I get asked for advice a lot. So I thought I'd put it in one place.
Don't Be Too Quick To Sign To A Major
This is probably the most important point in this list. I've seen too many artists get signed off of street heat who were never able to translate it into record sales. You need to be sure that your stable of fans is secure enough to support you, should you ever need to release a track for 99p on iTunes to keep that ink wet. Getting signed to a major label and then dropped for lack of sales has hurt so many careers. It's actually kinda sad. Of course everyone has to eat, but there are countless different ways to break bread without the pressure of single sales hanging over your head. If you have a good team around you who actually know what they're doing, being an indie artist could in fact be more financially beneficial in the long-run. Touring, merchandise, mixtape sales, EP sales, single sales; there's money to be made as an unsigned act if you have a tight enough plan. Think beyond that quick £80,000 advance! Don't rush to blow; working the unsigned circuit for a few years will gain you more respect in the end too.
Save Some Pennies For A Good PR
The days of the rookie, one-man-PR are over. Even if only one person manages your campaign, go with an established PR company that will collectively buy into your dream with the experience to take you to where you need and want to go. Say for instance your PR is off sick or goes on holiday? You need to know that another member of the team will be on-hand to keep things moving as you do. And no matter how many accounts any one PR deals with, be sure that you know they're trying their utmost best on a daily basis to get those placements. (Asking for a weekly report is standard). If you don't know of any good PRs, ask around, because having one is kinda important these days. Gone are the days when tweeting links and messaging journalists/editors on their PRIVATE Facebook pages was deemed okay to do. In fact, unless you know them personally, never do that. "I'm about to change the music game fam. Watch my nu vid and RT." Okay, nice one. But don't come at me like that. If you can't afford a PR to handle your business, then you should know how to move in a professional manner. Politely ask for an email address, introduce yourself in an email with links to your music and recent press links (if you have any), attach a press release for your current project (a biography, too, if you have one), and just hope for the best. The more professional you come across, the better your chances are for a reply. Or, better still: the coverage you wanted all along.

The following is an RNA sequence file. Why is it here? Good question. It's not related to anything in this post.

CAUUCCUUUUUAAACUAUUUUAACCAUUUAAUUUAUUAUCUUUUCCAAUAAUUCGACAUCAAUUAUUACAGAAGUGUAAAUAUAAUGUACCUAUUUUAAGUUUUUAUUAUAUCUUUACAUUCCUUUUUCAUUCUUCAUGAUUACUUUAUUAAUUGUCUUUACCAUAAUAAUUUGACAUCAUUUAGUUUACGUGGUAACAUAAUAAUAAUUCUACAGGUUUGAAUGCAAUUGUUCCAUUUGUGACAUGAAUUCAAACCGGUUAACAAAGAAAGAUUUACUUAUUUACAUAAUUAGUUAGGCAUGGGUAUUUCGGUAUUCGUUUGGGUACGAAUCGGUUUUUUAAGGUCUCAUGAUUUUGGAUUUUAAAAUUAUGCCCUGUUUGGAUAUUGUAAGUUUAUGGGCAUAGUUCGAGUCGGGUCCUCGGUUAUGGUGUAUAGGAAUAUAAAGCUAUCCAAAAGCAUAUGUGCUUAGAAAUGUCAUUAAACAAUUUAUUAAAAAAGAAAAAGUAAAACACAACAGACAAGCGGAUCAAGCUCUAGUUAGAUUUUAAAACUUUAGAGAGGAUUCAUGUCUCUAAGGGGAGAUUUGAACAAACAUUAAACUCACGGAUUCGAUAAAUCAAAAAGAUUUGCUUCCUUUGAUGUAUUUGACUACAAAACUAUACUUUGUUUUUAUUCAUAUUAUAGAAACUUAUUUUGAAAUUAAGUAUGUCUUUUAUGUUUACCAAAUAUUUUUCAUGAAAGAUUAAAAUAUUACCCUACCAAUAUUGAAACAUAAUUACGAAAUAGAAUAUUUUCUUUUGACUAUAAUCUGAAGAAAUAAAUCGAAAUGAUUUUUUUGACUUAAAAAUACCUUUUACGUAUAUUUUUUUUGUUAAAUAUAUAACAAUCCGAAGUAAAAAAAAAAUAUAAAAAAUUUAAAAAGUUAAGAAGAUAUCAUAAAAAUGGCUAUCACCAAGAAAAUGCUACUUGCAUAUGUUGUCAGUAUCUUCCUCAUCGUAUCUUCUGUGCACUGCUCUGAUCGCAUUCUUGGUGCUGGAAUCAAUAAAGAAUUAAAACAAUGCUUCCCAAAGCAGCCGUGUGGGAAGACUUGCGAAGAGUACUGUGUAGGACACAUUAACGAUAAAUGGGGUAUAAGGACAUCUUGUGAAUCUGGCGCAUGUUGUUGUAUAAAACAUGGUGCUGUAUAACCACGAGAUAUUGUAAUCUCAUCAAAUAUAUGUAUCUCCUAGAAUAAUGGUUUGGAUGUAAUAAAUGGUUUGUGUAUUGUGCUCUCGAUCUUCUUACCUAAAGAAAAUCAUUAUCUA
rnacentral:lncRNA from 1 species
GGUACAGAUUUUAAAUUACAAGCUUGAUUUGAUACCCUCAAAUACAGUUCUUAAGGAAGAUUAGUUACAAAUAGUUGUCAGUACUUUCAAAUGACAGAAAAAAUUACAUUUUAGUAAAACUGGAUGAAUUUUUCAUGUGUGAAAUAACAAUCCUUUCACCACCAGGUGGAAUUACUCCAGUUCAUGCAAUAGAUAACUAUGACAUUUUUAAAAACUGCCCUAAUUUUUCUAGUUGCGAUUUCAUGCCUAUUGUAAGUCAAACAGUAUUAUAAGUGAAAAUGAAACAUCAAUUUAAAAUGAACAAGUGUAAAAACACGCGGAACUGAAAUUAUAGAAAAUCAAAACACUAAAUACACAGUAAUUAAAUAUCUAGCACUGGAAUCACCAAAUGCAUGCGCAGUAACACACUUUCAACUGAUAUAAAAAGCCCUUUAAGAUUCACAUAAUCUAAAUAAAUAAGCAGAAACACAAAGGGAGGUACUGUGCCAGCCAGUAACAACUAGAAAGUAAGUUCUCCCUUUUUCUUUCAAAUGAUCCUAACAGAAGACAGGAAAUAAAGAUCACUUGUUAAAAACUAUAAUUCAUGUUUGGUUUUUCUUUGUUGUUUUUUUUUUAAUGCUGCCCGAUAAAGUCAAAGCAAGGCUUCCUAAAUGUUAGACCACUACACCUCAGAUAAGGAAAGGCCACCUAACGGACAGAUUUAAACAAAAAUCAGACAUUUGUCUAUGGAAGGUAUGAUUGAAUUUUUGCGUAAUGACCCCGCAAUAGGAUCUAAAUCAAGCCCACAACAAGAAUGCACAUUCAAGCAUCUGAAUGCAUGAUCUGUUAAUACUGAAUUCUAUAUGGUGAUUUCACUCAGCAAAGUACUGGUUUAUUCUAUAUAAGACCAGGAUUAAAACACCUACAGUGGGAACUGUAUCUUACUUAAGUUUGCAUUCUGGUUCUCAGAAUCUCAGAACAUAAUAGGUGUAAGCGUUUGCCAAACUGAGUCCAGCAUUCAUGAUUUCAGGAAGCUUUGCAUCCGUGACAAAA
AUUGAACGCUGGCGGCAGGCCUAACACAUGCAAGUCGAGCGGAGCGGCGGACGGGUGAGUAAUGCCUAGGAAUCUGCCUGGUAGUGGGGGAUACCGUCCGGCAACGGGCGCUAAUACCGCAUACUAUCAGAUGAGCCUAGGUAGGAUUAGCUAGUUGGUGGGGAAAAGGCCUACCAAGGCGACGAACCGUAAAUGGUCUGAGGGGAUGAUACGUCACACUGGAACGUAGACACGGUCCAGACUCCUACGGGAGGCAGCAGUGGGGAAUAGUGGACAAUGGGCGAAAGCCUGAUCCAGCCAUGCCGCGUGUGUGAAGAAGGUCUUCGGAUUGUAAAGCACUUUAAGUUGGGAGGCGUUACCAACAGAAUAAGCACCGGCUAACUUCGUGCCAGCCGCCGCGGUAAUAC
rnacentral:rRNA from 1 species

Act Right Online
No-one likes a talented prick. You can be as boastful as you like in your music, that's why some of you are where you are today, but never let that confidence meet arrogance and spill out online. Everyone loves Azealia Banks again after her emotional hip-hop rant, right? But let's not forger when she was cursing-out fans and artists on Twitter and the bitter taste it left in our mouths. You should want your fans to like and respect you, with no doubt in their minds that you'd greet them in the streets without a prickful bone in your body. Likeability factor is, I'd say, just as important as talent these days; people are buying into you as a person, and not just your music.
Originality Is Key
Don't focus too much on what other artists are doing to the point you get lost in their identity. Lock yourself away, get into your God-given zone, and give the world YOU! (Be consistent with your releases as well).
Don't Just Stay In-Camp
Working with different producers and other artists could never be a bad thing. If you have a strong camp already, that's great. But that shouldn't hinder you from hooking up with people outside of your unit. No one musician is the same, and you could come to find out that working with someone far removed from your circle could in fact bring out something completely different in you and your music that you never knew was there.